David Morley

“One com­po­nent, two jobs. On the sur­face, bril­liant. In re­al­ity, it wor­ries me a bit”

Motor (Australia) - - SKID MARKS -

ILIKE MOTORBIKES. I mean, I re­ally, re­ally like motorbikes. I’ve owned them for years, rid­den them long be­fore that and they’ve taken me around the world, over moun­tains and across deserts. One of the things I like most about bikes is that they tend to be pretty bloody-minded from a de­sign point of view. Well, the ones I like best are, any­way.

When you’re work­ing with a ma­chine that can’t stand up by it­self even when it’s NOT mov­ing and it has to be man­han­dled by a sin­gle hu­man in the nor­mal course of things, and can eas­ily be ca­pa­ble of a 10-sec­ond quar­ter mile, you tend to find a lot of what would be con­sid­ered con­sid­er­a­tions in a less fo­cused ma­chine are sud­denly not. Con­sid­er­a­tions, that is. Keep­ing weight down also means pay­ing se­ri­ous at­ten­tion to the no­tion of one thing hav­ing two or more jobs.

It’s how some bikes evolved to carry their lu­bri­cat­ing oil in their frames. And why en­gines be­came stressed mem­bers and, there­fore, part of the load-bear­ing frame struc­ture. But some­times, that ethos gets a bit out of hand. Ap­par­ently.

I re­cently saw a home-made bike (and some of my all-time faves have been home-brews) which took the multi-task­ing thing a step too far. The builder had re­alised that the fuel tank was a teardrop shape with a rounded front that ta­pered back. And so was the bikini fair­ing he had in mind. So, the bloke (or it could have been a dame, I dunno) took a fuel tank, made re­cesses for the han­dle­bars and then mounted it at the front to the bike just like a small fair­ing. Hell, he even mounted the head­light in the front of the tank, too.

On the sur­face, this was bril­liant. One com­po­nent, two jobs. In re­al­ity, it wor­ried me a bit. For a start, petrol is heavy and, when you carry it up high, your cen­tre of grav­ity moves up with it. This goes against ac­cepted en­gi­neer­ing wis­dom in a bike or a car. Not only was the cen­tre of mass hiked, it was also moved way for­ward (out­board of the steer­ing axis, in fact, so just like hang­ing a car’s en­gine ahead of the front axle line) to where it would have been if the bike had used a con­ven­tion­ally-mounted fuel tank. And not only that, but now the mass was also slosh­ing around when the han­dle­bars were turned. And just to cap it off, the changes to the C of G and the load on the steer­ing axis would change as the vol­ume in the tank var­ied. Looked cool, but deffo not the way I would have gone. And that’s be­fore we even get to the stuff about the fuel tank now be­ing the first thing on the scene of the ac­ci­dent.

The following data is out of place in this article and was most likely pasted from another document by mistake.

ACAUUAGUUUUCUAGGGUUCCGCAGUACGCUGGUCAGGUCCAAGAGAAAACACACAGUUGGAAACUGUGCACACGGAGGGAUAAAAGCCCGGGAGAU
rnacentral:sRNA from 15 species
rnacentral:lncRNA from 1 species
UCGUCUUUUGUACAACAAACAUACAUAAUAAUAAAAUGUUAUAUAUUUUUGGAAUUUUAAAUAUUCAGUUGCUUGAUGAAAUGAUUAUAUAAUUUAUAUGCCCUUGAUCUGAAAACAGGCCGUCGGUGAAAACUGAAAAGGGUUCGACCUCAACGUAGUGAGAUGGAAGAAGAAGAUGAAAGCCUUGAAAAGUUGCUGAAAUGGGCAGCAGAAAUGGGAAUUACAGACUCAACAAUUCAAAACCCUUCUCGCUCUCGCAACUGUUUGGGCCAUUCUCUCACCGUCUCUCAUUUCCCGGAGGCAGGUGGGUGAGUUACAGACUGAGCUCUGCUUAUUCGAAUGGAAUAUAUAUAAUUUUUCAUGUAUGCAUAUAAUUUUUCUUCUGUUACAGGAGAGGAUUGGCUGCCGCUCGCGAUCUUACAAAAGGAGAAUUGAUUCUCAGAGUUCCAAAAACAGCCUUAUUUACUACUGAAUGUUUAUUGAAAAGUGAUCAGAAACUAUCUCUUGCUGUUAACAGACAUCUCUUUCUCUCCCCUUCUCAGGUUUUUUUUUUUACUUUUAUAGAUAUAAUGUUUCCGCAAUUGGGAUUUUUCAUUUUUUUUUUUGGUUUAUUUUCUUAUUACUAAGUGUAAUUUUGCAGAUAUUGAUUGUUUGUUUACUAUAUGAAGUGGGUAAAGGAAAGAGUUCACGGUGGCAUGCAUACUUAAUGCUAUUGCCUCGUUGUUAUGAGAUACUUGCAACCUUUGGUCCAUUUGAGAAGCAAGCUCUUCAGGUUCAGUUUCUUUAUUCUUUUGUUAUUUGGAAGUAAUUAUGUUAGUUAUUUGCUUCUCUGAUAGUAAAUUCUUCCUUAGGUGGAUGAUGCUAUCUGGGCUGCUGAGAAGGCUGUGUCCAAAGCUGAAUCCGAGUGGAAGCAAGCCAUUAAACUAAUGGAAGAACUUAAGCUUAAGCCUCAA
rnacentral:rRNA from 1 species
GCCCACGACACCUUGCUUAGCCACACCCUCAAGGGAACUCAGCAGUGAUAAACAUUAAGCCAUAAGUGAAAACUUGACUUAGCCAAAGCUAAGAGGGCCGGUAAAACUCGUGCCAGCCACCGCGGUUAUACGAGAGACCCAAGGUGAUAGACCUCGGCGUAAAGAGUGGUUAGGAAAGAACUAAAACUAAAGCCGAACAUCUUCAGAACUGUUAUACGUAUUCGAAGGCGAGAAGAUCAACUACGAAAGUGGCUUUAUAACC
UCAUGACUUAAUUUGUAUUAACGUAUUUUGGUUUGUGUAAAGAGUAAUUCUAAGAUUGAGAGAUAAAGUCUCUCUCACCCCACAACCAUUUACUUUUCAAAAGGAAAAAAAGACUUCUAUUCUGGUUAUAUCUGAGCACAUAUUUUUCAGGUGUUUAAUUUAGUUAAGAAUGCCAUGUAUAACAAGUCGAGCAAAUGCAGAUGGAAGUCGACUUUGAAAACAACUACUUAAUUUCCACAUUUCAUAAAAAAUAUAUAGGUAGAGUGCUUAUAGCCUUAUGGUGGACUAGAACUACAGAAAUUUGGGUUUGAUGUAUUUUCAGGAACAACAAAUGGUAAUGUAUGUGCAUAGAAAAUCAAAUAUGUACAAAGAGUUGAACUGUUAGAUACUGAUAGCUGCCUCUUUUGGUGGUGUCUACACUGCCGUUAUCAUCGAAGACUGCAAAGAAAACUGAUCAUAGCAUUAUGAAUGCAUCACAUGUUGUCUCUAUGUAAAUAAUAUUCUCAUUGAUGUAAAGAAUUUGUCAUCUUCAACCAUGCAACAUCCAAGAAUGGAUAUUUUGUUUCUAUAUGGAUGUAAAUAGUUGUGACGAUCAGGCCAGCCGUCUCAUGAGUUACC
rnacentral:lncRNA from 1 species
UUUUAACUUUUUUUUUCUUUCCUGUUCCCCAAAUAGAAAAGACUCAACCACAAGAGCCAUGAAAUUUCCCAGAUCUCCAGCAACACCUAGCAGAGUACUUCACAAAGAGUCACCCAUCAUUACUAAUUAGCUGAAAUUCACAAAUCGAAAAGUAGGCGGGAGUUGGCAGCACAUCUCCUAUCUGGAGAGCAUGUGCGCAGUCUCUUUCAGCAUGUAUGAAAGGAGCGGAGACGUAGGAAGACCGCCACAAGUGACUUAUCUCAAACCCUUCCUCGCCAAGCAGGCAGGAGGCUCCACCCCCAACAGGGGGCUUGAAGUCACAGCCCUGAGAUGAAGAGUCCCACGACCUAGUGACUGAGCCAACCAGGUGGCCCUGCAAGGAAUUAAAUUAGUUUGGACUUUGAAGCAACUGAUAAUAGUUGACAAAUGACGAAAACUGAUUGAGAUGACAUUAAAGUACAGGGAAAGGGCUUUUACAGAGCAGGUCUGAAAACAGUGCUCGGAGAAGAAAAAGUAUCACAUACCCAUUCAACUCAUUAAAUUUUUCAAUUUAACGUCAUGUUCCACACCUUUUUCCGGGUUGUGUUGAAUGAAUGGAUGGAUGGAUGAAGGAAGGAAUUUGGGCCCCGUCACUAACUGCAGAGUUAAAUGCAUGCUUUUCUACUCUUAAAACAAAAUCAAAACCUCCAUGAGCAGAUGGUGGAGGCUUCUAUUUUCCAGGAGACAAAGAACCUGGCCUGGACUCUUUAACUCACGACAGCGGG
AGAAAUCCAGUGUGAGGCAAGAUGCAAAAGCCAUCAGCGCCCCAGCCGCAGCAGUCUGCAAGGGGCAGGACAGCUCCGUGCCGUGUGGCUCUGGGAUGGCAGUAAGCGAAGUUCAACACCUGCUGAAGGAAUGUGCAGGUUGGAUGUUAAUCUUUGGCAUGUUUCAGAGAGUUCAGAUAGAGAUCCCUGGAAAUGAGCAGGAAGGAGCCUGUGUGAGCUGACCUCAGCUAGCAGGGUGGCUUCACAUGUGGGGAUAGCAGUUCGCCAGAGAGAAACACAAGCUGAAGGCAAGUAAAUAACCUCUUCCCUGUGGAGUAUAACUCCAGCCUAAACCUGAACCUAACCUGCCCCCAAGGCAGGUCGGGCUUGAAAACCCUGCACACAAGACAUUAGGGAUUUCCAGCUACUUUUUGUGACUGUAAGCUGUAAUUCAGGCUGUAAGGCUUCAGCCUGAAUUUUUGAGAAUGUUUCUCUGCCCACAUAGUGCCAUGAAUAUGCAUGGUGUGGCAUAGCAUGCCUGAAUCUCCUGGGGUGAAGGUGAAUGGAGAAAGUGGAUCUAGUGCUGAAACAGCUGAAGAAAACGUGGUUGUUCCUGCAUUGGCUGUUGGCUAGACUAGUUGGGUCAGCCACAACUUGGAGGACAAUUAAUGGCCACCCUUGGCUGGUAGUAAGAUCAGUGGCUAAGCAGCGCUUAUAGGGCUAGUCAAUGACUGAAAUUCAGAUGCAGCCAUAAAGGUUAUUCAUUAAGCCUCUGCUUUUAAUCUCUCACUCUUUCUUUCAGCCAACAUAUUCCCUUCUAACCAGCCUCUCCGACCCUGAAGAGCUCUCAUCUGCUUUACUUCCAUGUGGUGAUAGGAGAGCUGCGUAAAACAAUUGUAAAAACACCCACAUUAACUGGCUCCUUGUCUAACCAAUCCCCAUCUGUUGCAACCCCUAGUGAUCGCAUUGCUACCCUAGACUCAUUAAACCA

Same goes for some car de­sign I’ve seen in the last few weeks. The Fer­rari 488 that fea­tured at PCOTY the other day had the least in­te­grated door han­dles I think I’ve ever seen on a car. Cock­burn tut-tut­ted, ex­plain­ing that he reck­oned they were de­signed to tai­lor the air­flow into the cool­ing ducts at speed. He’s right, but they still look fugly and re­main a winglet too far for mine.

Mod­ern touch screens are prob­a­bly the worst of­fend­ers. A Citroën I drove re­cently used the same touch screen for the en­ter­tain­ment, HVAC, phone and nav func­tions. Sounds like clever use of a sin­gle screen. At first. Prob­lem was, once the screen was switched to ei­ther dis­ci­pline, you couldn’t ac­cess a sin­gle func­tion of the oth­ers. You want to change the ra­dio sta­tion and turn up the air-con at the same time? Tough. Se­lect en­ter­tain­ment from the menu. Change the ra­dio. Go back to the menu. Se­lect the cli­mate con­trol and then, fi­nally, set your new temp. And half­way through all that, the phone rings and over-rides the lot.

Con­sider that.

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